M1 iMac, iPad Pro, Apple TV 4K, Airtags: What we bought and why


The AppleInsider staff talks about what new gear we purchased from the Apple “Spring Loaded” event, along with our thoughts on Apple’s latest offerings.

In April, Apple held its first event of 2021, dubbed “Spring Loaded.” The hour-long prerecorded event served to highlight what devices customers would be able to purchase from Apple.

Apple’s April releases were different from prior years. Usually, when the company releases something, it’s a very short period of time from the event to the pre-order.

This time it was weeks. That’s more time to think about what the company released and how it will fit into workflows that vary widely, even across a group like the AppleInsider staff.

Here’s everything AppleInsider staffers bought — or didn’t buy — at Apple’s April event.

This Apple event is the first one that I did not personally cover in well over a decade. So, instead of processing it all live, I had the luxury of reading the coverage after the fact. That, plus the month it took for Apple to open pre-orders and start shipping, gave me even more time to process what I needed to add to my own setup.

My initial assessment was that I wanted AirTags for my keys and one of my children’s wheelchairs. Keys are an obvious reason, and the wheelchair gets “lost” more often than you’d think. In some venues or large hospital mega-chains, the chair gets “parked,” and she’s either carried to where she needs to go or put on a gurney. The chair is then moved to a holding area, without all the staff being fully aware of where it is — and there are a few chairs that look just like it from a distance.

I also bought two new Apple TV Siri remotes to replace the original one. I don’t personally have any problems with them. Still, there are enough complaints in the house about them with existing Apple TVs that it’s a good solution to the problem, without sacrificing Siri support with a third-party option.

And then, on Friday, we discovered in an Apple support document that the second-generation Apple TV 4K can use HDMI ARC or eARC to play all of a TV’s audio to an original HomePod pair. This solves a problem that I’m personally having in the living room with a pesky Vizio soundbar that’s been giving me grief, so it’s time for it to go. I already have the original HomePods, so I’m adding the new Apple TV to the mix. The existing one in the living room will cascade down and replace my sole surviving third-generation Apple TV.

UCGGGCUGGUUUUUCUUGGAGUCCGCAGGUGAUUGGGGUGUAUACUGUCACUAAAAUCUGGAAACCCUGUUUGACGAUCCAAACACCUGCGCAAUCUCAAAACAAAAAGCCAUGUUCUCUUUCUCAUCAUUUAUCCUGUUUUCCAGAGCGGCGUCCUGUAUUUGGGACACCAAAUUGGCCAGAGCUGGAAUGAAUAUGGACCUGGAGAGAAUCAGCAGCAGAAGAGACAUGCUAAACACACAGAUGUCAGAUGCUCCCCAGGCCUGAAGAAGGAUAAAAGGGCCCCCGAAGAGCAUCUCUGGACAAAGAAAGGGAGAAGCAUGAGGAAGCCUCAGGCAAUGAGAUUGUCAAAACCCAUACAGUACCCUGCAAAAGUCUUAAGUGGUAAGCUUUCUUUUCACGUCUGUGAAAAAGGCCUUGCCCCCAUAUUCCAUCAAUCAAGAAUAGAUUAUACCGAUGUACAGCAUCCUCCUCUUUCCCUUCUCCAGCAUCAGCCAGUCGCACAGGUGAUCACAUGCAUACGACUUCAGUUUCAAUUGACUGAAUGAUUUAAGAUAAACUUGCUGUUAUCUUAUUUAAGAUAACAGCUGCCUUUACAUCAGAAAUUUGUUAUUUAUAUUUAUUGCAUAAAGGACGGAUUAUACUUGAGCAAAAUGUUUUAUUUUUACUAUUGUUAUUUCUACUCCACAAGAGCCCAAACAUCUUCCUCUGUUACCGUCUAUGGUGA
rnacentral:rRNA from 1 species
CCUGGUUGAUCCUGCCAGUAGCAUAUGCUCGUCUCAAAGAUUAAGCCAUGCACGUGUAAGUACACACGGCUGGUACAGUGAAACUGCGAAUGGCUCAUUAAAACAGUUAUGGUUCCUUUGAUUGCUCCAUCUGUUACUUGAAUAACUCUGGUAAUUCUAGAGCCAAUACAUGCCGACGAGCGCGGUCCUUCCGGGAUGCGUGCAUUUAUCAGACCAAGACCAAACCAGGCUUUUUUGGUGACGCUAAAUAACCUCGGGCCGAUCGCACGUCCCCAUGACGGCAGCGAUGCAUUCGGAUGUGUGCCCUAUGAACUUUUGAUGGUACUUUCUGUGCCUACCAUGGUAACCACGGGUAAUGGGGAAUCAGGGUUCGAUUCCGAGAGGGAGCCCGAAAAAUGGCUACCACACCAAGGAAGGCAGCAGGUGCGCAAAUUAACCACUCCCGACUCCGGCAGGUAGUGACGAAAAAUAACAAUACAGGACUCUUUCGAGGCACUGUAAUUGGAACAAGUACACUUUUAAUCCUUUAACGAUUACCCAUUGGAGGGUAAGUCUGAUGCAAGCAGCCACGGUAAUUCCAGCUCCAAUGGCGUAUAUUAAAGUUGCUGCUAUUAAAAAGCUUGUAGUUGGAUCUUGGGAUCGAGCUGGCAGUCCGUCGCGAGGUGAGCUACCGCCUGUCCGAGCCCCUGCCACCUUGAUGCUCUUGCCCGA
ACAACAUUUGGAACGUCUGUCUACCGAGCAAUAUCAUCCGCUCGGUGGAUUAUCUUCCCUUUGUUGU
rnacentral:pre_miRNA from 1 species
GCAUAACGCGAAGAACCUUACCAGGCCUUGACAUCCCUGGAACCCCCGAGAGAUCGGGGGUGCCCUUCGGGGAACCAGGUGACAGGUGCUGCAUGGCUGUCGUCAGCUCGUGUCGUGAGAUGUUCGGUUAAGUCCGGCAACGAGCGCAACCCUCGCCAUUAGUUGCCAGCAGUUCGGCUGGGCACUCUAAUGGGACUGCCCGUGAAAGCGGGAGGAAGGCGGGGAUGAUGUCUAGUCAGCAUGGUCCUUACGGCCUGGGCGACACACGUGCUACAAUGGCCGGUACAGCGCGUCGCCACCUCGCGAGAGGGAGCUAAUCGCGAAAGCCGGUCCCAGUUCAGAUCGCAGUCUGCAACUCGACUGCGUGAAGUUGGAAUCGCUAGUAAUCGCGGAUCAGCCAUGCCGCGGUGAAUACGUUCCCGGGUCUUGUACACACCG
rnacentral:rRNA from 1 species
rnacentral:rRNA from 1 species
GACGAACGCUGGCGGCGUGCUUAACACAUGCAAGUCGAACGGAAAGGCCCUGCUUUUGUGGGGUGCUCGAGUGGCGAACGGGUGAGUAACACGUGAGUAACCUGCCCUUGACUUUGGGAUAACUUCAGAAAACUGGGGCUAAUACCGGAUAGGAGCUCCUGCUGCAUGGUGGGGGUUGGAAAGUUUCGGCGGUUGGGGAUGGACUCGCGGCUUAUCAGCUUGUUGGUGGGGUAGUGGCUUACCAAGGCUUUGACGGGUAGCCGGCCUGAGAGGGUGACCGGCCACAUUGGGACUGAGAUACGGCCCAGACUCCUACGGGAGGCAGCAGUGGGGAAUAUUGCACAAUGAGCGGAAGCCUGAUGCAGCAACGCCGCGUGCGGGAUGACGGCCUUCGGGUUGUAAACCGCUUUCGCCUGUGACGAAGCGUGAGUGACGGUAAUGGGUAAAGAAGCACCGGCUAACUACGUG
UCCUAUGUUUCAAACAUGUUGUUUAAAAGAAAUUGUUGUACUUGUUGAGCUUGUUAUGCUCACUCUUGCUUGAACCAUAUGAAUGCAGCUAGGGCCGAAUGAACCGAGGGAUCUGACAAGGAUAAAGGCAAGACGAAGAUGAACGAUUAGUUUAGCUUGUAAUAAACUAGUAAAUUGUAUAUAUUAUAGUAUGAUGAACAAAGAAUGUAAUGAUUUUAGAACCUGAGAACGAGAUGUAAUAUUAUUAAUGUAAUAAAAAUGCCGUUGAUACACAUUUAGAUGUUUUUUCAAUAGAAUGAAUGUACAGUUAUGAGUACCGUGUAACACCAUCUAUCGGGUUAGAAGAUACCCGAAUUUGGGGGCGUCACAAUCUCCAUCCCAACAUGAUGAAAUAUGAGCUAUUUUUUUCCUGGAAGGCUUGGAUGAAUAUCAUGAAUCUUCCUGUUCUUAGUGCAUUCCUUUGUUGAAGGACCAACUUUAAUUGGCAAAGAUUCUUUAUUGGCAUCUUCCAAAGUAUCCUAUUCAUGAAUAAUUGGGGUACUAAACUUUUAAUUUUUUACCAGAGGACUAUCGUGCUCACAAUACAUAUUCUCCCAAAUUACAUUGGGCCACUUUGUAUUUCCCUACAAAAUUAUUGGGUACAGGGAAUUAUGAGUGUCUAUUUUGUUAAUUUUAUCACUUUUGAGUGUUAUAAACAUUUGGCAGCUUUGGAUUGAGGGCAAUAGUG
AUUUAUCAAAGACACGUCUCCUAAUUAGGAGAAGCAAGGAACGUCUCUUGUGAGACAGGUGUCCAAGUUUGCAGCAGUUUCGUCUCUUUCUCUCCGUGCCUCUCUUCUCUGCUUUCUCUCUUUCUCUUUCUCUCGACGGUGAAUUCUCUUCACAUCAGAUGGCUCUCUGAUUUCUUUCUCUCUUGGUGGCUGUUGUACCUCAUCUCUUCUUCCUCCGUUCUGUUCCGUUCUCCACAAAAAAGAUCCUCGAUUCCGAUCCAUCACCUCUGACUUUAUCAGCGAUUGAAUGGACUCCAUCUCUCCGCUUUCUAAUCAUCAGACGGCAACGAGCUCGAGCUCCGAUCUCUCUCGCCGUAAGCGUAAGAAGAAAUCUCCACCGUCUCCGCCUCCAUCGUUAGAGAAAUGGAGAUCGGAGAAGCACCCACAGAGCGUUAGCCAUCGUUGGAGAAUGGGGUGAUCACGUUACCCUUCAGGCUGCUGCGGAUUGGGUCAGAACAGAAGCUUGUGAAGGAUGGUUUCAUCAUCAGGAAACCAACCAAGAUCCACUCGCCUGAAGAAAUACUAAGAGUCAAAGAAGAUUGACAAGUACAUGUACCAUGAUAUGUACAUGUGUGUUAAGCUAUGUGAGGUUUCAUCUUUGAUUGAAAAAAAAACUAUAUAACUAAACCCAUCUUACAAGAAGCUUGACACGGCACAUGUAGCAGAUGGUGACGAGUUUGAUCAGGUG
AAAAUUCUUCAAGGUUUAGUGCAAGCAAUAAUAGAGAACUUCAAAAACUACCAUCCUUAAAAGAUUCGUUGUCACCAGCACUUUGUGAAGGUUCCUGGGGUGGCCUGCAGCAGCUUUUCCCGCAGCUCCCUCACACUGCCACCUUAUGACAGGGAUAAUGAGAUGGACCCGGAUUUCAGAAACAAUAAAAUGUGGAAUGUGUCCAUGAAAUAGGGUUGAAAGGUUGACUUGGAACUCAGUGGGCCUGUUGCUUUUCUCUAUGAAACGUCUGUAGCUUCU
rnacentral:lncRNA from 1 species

As far as the iPad Pro goes — had the 12.9-inch 1TB model with 16GB of RAM been able to run macOS, I’d have thrown money at Apple. It doesn’t, and what it brings to the table isn’t compelling enough for my Mac-centric workflow otherwise, to pick one up this time around. I’m willing to bet Wes Hilliard disagrees with me on this point, though.

I only snagged one item from April’s event — a yellow 24-inch iMac with 512GB of storage. This didn’t come as a shock to me, though, as I had already said that I’d get the next iMac because I had been itching to get back to a desktop computer.

I’ve always been a desktop computer user at heart, so making the switch wasn’t exactly a hard choice. I run my current computer — a 2018 i7 MacBook Pro — entirely in clamshell mode. While it works, it comes with a ton of downsides, including, but not limited to: a disastrous amount of cords on my desk, the need for a docking station, and the continual dissatisfaction with using an external monitor.

The iMac, however, solves most of these issues, and it has the bonus of including the M1 chip. I spend a lot of time using apps like GarageBand and Final Cut Pro, so I’m looking forward to seeing how they perform on Apple Silicon.

As stated above, I didn’t purchase any of the other newly debuted items — though I assume I’ll eventually wind up with a few AirTags. I feel that slapping one on my bag and one on my keys would be wise, considering I’m somewhat prone to losing anything that isn’t physically attached to me.

Apple Arcade has a surprisingly decent lineup of games, and I enjoy playing them on my Apple TV with an Xbox controller. I also recently invested in an Intel NUC for Windows PC gaming that lives in my office and streaming it to my Apple TV in my living room via Moonlight works really well.

I also have an extensive HomeKit setup, so future-proofing with Thread for my connected devices is appealing. And I shoot a lot of video on my iPhone 12 Pro, and the ability to view high-frame-rate HDR content is something I intend to take advantage of.